Friday, March 11, 2011

A Heritage worth Cultivating

On February 09, while we were in Addis, I blogged this about the firewood carrier women and girls that have been rescued from the horrors of carrying wood down Entoto mountain (and who are apparently often sex slaves as well).  I edited this post just slightly to correct a couple of errors and add a few words:

The highlight of my day, by far, was our visit to a gated, compound-like place, where hunched-over, firewood-carrying women have been rescued from the incredibly difficult job of hauling firewood down Entoto mountain.  These women have developed a business of hand-weaving scarves to support themselves.  While the women work, their children are cared for by other women, and they attend school in an on-site one-room school house...even the little wee ones.  When I was given the ok to peek inside the partially-open door of the schoolroom, I was immediately mobbed by a group of about 20-25 tiny children, all of whom appeared delighted to see me.  They rushed over to me, and fought to grab my hand, which they then bowed over and kissed.  I made sure to shake hands with every single child, some of them more than 2-3 times, even though about half of them were snotty-nosed!  Even that wasn't enough contact for them!  When I bent down so that Marcos (our driver) could take a picture of me with the kids, they milled around me to hug me.  I ended up sitting on the dirty concrete floor with these smiling and laughing children.  It was absolutely delightful.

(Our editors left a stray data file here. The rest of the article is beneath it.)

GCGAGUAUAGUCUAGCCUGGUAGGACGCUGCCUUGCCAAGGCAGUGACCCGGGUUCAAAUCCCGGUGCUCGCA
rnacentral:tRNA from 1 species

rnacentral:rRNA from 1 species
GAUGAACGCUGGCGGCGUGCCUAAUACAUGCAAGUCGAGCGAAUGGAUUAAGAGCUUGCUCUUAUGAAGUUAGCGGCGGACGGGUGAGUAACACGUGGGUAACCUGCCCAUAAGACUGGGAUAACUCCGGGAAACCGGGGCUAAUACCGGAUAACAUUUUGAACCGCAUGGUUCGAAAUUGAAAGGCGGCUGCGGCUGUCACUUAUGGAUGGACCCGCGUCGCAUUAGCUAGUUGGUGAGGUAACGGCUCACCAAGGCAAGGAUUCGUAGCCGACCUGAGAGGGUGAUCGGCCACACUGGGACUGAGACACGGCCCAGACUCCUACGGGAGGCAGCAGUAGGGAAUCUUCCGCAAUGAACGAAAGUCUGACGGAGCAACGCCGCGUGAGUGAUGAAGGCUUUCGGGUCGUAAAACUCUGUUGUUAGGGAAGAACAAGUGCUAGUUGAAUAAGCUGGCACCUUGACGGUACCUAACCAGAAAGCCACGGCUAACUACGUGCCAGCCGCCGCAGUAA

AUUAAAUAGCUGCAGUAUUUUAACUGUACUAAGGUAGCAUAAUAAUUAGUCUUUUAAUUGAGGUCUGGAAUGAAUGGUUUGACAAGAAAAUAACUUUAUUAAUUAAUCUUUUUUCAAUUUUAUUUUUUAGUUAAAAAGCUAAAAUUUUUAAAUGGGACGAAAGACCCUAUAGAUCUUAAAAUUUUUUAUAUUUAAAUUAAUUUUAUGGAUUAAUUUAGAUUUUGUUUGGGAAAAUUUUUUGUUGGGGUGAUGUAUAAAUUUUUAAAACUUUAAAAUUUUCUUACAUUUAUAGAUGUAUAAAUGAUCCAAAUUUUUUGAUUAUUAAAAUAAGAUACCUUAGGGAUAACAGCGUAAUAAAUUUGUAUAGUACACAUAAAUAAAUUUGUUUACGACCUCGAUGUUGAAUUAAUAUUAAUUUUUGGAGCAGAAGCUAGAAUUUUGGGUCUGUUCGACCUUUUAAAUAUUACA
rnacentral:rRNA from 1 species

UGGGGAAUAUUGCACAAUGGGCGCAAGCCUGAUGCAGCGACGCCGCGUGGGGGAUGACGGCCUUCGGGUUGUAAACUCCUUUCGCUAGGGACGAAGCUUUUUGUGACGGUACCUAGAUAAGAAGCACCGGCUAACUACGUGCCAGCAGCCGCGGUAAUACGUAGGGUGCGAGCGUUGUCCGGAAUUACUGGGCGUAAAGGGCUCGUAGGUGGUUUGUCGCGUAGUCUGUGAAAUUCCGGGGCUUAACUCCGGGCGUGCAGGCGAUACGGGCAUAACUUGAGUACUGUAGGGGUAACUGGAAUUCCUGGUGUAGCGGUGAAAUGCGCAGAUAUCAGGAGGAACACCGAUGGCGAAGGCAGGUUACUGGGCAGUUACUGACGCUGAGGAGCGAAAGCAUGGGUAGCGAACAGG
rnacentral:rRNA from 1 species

When I was finally forced by manners to leave the children to their school work, we learned that the scarf shop was closed for another 30-40 minutes.  We were invited to sit in the yard, just as a a group of the women weavers sat down to their coffee break: a traditional coffee ceremony.  We were invited to have the sweetened coffee as well, and so I enjoyed my third tiny cup of the day.  Incidentally, I know that I said that the cups are tiny, and they are, but they are wicked strong cups of coffee.  The coffee is pitch black and you could pretty much stand a spoon up in it, but they add a couple of tiny scoops of sugar to each cup, and wow - it is delicious!!  Of note, this was my third such cup of potent coffee today, and I can tell you that when I held up my hand in front of me, it was extremely jittery!  How fun.  Eventually we got into the small shop where the women showcase their wares, and I was glad to be able to purchase a few scarves at incredibly reasonable prices (65 birr/scarf = $3-4).

What I was not able to do from Ethiopia was post pictures about this highlight.  So I thought I'd include some now.

(below - two pictures)
We were invited to look around the small factory, where people sat at their looms weaving beautiful fabrics that would become the scarves they sold in their shop.  I gotta tell was stinking hot in that room where they worked.